Harpers Ferry: Make a Day Trip out of D.C.!

Cherry Blossom season in D.C. is absolutely delightful, but we know that the crowds can be hectic and chaotic – so why not take a day trip to Harper’s Ferry? D.C. has so much history, but the impact of Harper’s Ferry on history cannot be underestimated. Harpers Ferry is only a little over two hours away from American Guest House, a D.C. bed and breakfast.




Harper’s Ferry has always been of a huge commercial significance in the region prior to the Civil War. Located at the intersection of the Shenandoah and the Potomac Rivers, the city was a major port and travel hub. However, it was not until John Brown’s Raid on Harper’s Ferry that the town became synonymous with abolition. John Brown, a staunch abolitionist from Connecticut, was involved in many anti-slavery events, such as Bleeding Kansas. In particular, the Fugitive Slave Act, which banned providing assistance to fugitive slaves, angered him. His main ambition was to lay the groundwork to spark an insurrection that would end the institution of slavery in the United States. Brown was of the opinion that only violent conflict would rid American of the scourge of slavery.

Thus, on October 16, 1859, Brown led an attack on the arsenal with five other men. His comrades included a freed slave and a fugitive slave. In cooperation with his conspirators, Brown took over several key buildings in the town, such as the armory and the arsenal. He had hoped to secure the weapons depot and arm slaves, starting a revolt across the south. However, the night ended in disaster. Upon discovering John Brown’s plot and attempting to warn slave owners, Heyward Shepherd, a freed black man, was shot by the raiders. Roused by the noise, Dr. John Starry confronted John Brown and his men. Starry confirmed that nothing could be done for Heyward Shepherd, and the raiders released him. Rather than return home, Dr. Starry rode through the nearby towns and alerted them to the raiders’ intentions.




Not long after, local militias subdued and arrested John Brown and his men. The incident sent shockwaves across the country. The raid fueled southern fears that there was a northern conspiracy to end slavery. Meanwhile, some northerners felt that his behavior was too radical. Many in the North thought that slavery was no concern of theirs. For others, Brown was a martyr to the abolitionist cause. Ultimately, history would prove Brown’s prophecy correct; slavery would only be stamped out through the Civil War.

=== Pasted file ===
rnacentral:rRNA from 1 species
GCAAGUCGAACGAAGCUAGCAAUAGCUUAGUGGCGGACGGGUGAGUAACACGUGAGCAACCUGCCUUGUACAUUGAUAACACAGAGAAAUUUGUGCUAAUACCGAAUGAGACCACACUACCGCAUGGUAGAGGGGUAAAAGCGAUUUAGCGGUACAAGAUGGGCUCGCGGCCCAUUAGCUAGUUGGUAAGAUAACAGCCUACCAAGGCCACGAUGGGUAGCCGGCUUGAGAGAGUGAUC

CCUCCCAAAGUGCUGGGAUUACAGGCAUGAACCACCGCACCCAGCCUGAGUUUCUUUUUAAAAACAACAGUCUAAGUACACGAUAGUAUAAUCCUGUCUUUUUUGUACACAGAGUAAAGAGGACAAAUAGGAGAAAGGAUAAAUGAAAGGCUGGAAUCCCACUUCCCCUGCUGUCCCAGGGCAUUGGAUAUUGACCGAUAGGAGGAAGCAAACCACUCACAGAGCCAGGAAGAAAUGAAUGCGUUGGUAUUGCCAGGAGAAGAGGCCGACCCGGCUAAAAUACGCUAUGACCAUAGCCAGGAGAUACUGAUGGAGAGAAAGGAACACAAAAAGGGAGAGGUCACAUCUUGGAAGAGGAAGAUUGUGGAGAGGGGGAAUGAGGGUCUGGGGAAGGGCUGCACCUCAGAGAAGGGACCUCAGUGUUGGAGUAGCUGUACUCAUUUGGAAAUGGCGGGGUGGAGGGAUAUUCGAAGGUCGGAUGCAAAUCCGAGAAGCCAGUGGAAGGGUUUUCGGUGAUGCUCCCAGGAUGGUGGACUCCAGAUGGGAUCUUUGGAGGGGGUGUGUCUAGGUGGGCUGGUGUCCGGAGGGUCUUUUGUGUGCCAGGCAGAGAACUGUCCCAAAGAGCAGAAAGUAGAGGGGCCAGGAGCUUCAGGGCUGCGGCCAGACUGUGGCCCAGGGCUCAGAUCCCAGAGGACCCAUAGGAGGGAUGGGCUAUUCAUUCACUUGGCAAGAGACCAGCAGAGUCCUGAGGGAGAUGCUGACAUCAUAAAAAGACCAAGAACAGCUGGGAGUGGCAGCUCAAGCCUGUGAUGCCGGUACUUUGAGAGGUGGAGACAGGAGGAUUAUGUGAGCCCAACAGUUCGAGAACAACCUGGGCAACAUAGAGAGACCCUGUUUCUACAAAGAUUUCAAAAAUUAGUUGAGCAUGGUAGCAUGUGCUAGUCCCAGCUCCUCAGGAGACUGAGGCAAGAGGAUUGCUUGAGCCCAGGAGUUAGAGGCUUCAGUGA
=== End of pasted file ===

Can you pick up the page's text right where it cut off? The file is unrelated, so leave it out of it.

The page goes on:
The incident was so divisive and indicative of the gulf in attitudes towards slavery that many historians feel it set the country on the track towards civil war.


Today, Harper’s Ferry is a picturesque town. The Harper’s Ferry Park Association today administers the various sites in the town associated with John Brown’s raid. Some of these sites include arsenal square, Harper House, and the ruins of St. John’s Episcopal Church. Many of the buildings standing today predate the Civil War and this is reflected in the architecture of the buildings. The entrance to many of the places in the town are free, and hour of operation vary from approximately 8 AM – 6 PM. To get to Harper’s Ferry, we recommend that guests rent a car for the day.


American Guest House's Exterior at Dusk


Before heading out on your journey, we suggest our guests eat one of our delicious, warm breakfasts. Summer is coming, and we are booking up quickly in anticipation for D.C.’s high season. Don’t want to miss out on the opportunity to stay in our beautiful, centrally-located D.C. lodging? We suggest that you book now!

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